Voices INSIDE THE PMO
24 PM NETWORK NOVEMBER 2016 WWW.PMI.ORG
Abid Mustafa has worked with project manage-
ment offices for eight years. His book In the Age of
Turbulence: How to Make Executive PMOs Successful
is available in paperback and on Kindle.
We live in an age of austerity. For enterprise project manage- ment offices (EPMOs), this can mean downsizing. Or an executive might take direct
responsibility for the EPMO function and integrate it
into another function, like the strategy department.
Either way, the EPMO’s effectiveness likely suffers.
How do you avoid this fate? EPMO directors
should adopt a proactive stance to both oppose
takeovers by predatory departments and achieve
efficiencies by absorbing compatible functions
across the organization. Obvious targets to amalgamate into an EPMO are distributed PMOs in
operations, IT, finance or sales. In some cases,
the outsourcing of all distributed PMO functions
can dramatically reduce costs. Subsequently, the
EPMO’s role would be to provide governance that
ensures the vendor provides the level of services
expected by various departments.
STRATEGIC POWER PLAY
An ambitious EPMO director might pursue another
gambit: turn the tables and pull in the organization’s
strategy department. The rationale behind the EPMO
controlling the strategy function is simple.
First, most large organizations are very good at
creating strategic plans with the help of external consultants. But they tend to suffer from poor execution.
Strategy departments in such organizations become
preoccupied with helping the management team to
execute facets of the corporate strategy, as opposed
to limiting their involvement to strategic plans.
Second, the strategy department habitually relies
on the EPMO to facilitate cross-functional meetings that support completion of the annual corporate planning process.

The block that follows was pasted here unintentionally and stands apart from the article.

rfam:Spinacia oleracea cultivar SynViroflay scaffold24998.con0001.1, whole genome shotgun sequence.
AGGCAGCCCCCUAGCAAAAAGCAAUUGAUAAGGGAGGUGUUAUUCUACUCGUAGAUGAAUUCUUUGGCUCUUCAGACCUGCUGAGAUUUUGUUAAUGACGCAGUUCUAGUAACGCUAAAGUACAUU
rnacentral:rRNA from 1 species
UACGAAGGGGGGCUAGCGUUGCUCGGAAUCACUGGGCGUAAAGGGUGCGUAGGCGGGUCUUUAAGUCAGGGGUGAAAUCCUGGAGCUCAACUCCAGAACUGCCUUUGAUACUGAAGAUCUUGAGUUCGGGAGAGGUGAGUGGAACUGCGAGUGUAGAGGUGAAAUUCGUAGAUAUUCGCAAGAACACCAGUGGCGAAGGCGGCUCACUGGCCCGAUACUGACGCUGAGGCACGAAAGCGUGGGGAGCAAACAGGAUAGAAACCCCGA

Third, portfolio management undertaken by the
EPMO is closely aligned with executive performance management run by the strategy function.
Successful portfolio management requires a constant validation of the corporate strategy: i.e., does
the inclusion of initiatives in the designated project
portfolio harm or assist corporate strategy? There
is no reason corporate strategy cannot be executed
by the EPMO on behalf of the management team.
Additionally, aligning initiatives with the balanced
scorecards of executives has a better chance of
success if it’s done by the EPMO.
But perhaps the greatest advantage is that this
arrangement bridges the gap between strategy and
execution. To be sure, some activities carried out
by the strategy department are incompatible with
an EPMO. Visionary thinking, business development and maintenance of the business plan are
areas that stand out. Other departments can take
on such activities; for example, sales could manage
The bottom line: When faced with the prospect
of retrenchment, EPMO directors must seize the
opportunity to bridge the gap between strategy
and execution. Don’t be subsumed—strengthen
the EPMO’s unique value. PM
The Good Fight
Don’t let the EPMO fall victim to budget cuts.
By Abid Mustafa